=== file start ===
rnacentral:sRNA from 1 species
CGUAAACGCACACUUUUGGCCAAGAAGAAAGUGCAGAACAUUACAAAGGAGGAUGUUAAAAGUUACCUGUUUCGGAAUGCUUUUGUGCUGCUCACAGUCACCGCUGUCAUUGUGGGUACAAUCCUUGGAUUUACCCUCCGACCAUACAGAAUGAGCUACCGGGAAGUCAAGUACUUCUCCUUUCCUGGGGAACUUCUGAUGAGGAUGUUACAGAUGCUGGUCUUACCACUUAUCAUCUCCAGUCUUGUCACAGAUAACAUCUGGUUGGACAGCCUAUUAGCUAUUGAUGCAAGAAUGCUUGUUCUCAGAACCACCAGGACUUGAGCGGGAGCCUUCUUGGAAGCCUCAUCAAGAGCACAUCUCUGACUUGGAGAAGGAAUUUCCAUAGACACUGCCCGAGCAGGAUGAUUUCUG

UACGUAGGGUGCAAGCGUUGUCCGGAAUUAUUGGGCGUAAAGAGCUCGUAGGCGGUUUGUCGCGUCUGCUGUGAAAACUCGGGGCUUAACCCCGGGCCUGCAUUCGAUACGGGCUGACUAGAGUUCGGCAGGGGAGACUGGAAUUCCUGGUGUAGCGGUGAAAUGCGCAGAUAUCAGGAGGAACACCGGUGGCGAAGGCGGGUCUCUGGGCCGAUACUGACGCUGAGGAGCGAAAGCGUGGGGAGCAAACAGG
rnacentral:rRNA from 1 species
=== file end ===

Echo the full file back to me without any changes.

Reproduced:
rnacentral:sRNA from 1 species
CGUAAACGCACACUUUUGGCCAAGAAGAAAGUGCAGAACAUUACAAAGGAGGAUGUUAAAAGUUACCUGUUUCGGAAUGCUUUUGUGCUGCUCACAGUCACCGCUGUCAUUGUGGGUACAAUCCUUGGAUUUACCCUCCGACCAUACAGAAUGAGCUACCGGGAAGUCAAGUACUUCUCCUUUCCUGGGGAACUUCUGAUGAGGAUGUUACAGAUGCUGGUCUUACCACUUAUCAUCUCCAGUCUUGUCACAGAUAACAUCUGGUUGGACAGCCUAUUAGCUAUUGAUGCAAGAAUGCUUGUUCUCAGAACCACCAGGACUUGAGCGGGAGCCUUCUUGGAAGCCUCAUCAAGAGCACAUCUCUGACUUGGAGAAGGAAUUUCCAUAGACACUGCCCGAGCAGGAUGAUUUCUG

UACGUAGGGUGCAAGCGUUGUCCGGAAUUAUUGGGCGUAAAGAGCUCGUAGGCGGUUUGUCGCGUCUGCUGUGAAAACUCGGGGCUUAACCCCGGGCCUGCAUUCGAUACGGGCUGACUAGAGUUCGGCAGGGGAGACUGGAAUUCCUGGUGUAGCGGUGAAAUGCGCAGAUAUCAGGAGGAACACCGGUGGCGAAGGCGGGUCUCUGGGCCGAUACUGACGCUGAGGAGCGAAAGCGUGGGGAGCAAACAGG
rnacentral:rRNA from 1 species